Narcolepsy is a rare lifelong neurological disorder, marked by chronic sleepiness, that affects men and women equally; about one in 2000 people overall. This condition of chronic sleepiness begins to develop during the teenage years between thirteen and twenty years of age. It can also develop in some people as old as forty to fifty years of age. The good news is that narcolepsy is a manageable condition which means that even if you are diagnosed with it, you can still go on to live a full and rewarding life.
Symptoms of Narcolepsy
There are various symptoms of Narcolepsy. The most prominent symptom is persistent sleepiness to the point where you cannot distinguish being asleep or awake much of the time. The condition can be marked by fragmented sleep during the night and brief episodes of muscle weakness that is known as cataplexy as well as a brief paralysis that the person who is suffering from this condition experiences when he or she falls asleep upon waking up.
Additional symptoms of narcolepsy entail neurological symptoms that are more severe, such as a rare condition that is known as secondary narcolepsy which is caused by an injury to the deep section of the brain known as the hypothalamus.
Types of Narcolepsy
The two types of narcolepsy are with cataplexy and without cataplexy. Those that are diagnosed with narcolepsy without cataplexy have symptoms that are less severe. This just means their condition consists of a general sleepiness that has no emotionally triggered muscle weakness.
There are also two types of sleep with one kind being REM (rapid eye movement) and the other being Non-REM. The former is characterized by quick eye movements, dreams, and paralysis of the sleeper’s limbs and trunk that can prevent them from injuring themselves if they should act out their dreams while they are sleeping. The latter, Non REM, doesn’t experience this paralysis and the dreams are not as common as those with REM sleep.
The Basics of Sleep
To understand sleep disorders such as narcolepsy, it helps to understand the nature of sleep in the first place. It is by understanding the purpose of sleep that empowers us to make healthier choices which will, in turn, lead us to strive for a better quality of sleep.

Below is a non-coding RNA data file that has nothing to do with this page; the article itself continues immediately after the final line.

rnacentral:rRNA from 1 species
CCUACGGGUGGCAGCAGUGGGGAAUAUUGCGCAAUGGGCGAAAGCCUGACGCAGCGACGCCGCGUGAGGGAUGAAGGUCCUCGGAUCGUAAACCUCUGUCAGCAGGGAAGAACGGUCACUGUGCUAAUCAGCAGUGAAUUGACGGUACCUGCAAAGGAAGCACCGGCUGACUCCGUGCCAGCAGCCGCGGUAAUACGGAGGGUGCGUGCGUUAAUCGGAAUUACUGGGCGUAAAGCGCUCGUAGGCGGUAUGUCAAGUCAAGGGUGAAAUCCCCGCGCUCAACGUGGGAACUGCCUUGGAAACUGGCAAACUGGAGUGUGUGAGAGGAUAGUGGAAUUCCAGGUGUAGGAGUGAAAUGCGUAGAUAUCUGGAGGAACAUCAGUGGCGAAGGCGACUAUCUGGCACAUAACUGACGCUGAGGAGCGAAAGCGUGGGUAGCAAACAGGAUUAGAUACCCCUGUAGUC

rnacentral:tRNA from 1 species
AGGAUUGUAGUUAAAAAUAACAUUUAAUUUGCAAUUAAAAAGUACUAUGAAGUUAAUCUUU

Up until fifty years ago, sleep was once thought of as the passive and inactive state that the body slips into when the brain and body turns itself off in order to recuperate from the day’s activities. On average, the sleep cycle lasts about eight hours in much of western culture. In the last few decades, scientists are discovering that the brain is perhaps more active while we are sleeping than we are awake. People who have narcolepsy may even be more active than most of the general population which would explain their sleep disruptions and excessive sleepiness.
In its simplest form, sleep is that magical world where we leave the conscious world and traverse through a world of deep sleep and dreams. Although we rarely remember any of this when we wake up and in many cases, the sleep cycle passes so quickly we aren’t even aware of the time lapsing while we are asleep. The basic definition of sleep is period of reduced activity that is mostly associated with posture that involves lying down and closing our eyes; in doing so we also experience a decreased response to any outside, external stimuli that we normally experience during the day when we are conscious.
Also, we want to mention that the basic sleep cycle is easier to traverse than other forms of reduced consciousness such as hibernation and being in a coma where we have less control over the awaking process; if we actually do awaken in these other stages of reduced consciousness since these could lead to a more lasting period of reduced consciousness known simply as death.
People with Narcolepsy
- Usually feel inattentive and drowsy for a good part of the day, if not all.
- Fall asleep more easily and enter REM (rapid eye movement) sleep within fifteen minutes.
- Are more likely to have dreams during naps and experience hallucinations upon awakening, along with sleep paralysis and possible cataplexy.
- Could possibly wake up spontaneously in the middle of the night.
People without Narcolepsy
- Those that don’t have narcolepsy don’t readily fall asleep and typically feel more awake and alert.
- These people rarely enter REM sleep or have dreams during their midday naps and are not as likely to have a hallucination as soon as they wake up.
- Sleep paralysis and cataplexy are not common in those without the disorder so they have a better chance of sleeping well at night.
To sum it all up, narcolepsy makes it more of a challenge to distinguish being asleep with being awake. To those that do not have this neurological condition, being awake and being asleep are actually two different states that do not mix together.